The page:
How important is the first sentence? A Writers Path had a recent post on the importance of the first sentence setting the tone for the entire story. That blog also had a similar post on The Importance of a Great Literary First Impression.
Aeryn Rudel of Rejectomancy had a post as well where he analyzed the first lines from his stories that were published last year. And The Write, Already! blog recently had a series of posts promoting John Brueckner’s “892 Opening Lines” book. There’s even a publication dedicated to the first sentence called, not so coincidentally, The First Line. I’ve posted previously about that publication.
I also recall an editor of Asimov’s or Analog year’s ago discussing how important the first sentence was. What I recall, whether I remember correctly or not, essentially was if the first sentence didn’t grip him, it had little chance of being purchased.
Clearly, this is on a lot of people’s minds. So have I practiced this philosophy? I’ve certainly tried with varying amounts of success. I’ve also tried to vary my approach. Sometimes the first line is dialogue. Other times it’s the narrator speaking.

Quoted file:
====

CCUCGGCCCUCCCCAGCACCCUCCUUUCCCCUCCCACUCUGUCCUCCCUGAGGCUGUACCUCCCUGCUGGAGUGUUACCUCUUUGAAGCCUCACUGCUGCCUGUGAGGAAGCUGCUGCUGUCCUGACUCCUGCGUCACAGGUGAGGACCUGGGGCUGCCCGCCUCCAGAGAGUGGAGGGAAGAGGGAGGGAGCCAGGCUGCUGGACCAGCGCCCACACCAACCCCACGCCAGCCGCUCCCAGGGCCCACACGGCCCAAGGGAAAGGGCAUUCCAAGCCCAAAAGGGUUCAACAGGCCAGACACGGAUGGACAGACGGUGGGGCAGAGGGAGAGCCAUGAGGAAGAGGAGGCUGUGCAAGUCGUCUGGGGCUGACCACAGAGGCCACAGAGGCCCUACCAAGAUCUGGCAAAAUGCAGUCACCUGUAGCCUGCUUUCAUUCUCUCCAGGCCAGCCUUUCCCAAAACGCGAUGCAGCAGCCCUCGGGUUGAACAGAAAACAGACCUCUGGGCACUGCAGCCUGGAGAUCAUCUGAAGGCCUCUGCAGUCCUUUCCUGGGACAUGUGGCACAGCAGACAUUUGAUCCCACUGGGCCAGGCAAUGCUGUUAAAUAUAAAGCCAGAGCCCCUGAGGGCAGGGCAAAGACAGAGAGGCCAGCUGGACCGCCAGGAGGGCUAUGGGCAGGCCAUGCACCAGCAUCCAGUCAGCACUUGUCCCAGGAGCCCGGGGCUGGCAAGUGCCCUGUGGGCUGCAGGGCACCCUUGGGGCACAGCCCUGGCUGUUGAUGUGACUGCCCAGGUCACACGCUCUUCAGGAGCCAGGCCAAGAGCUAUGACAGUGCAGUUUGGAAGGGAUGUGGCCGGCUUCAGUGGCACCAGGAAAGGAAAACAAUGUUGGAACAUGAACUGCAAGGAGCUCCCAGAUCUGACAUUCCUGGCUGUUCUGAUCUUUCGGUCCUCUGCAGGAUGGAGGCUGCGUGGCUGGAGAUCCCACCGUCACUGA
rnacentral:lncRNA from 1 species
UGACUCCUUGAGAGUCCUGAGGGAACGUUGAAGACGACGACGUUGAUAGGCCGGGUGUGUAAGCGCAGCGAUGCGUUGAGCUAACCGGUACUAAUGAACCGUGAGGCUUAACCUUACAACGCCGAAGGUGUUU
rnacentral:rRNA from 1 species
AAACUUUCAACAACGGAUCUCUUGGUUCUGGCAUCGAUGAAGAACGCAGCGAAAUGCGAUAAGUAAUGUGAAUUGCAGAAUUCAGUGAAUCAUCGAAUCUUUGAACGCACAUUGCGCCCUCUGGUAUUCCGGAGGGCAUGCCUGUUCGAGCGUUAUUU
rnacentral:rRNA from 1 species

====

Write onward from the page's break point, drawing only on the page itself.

To date my favorite is from a story I’m still shopping around. Indeed, I hope to use it as the lead story in my short story collection submitted to the C. Michael Curtis Short Story Book Prize. (I wrote about this contest here.) The line is: “The naked man ran screaming from the room.” Don’t you want to read on to know why he is both naked and screaming? I thought so; I haven’t gotten an editor to bite yet though.
Do you try to nail that first line before proceeding with a story, or do you not worry about it? Do you have any first lines you’re especially proud of? Let me know in the comments.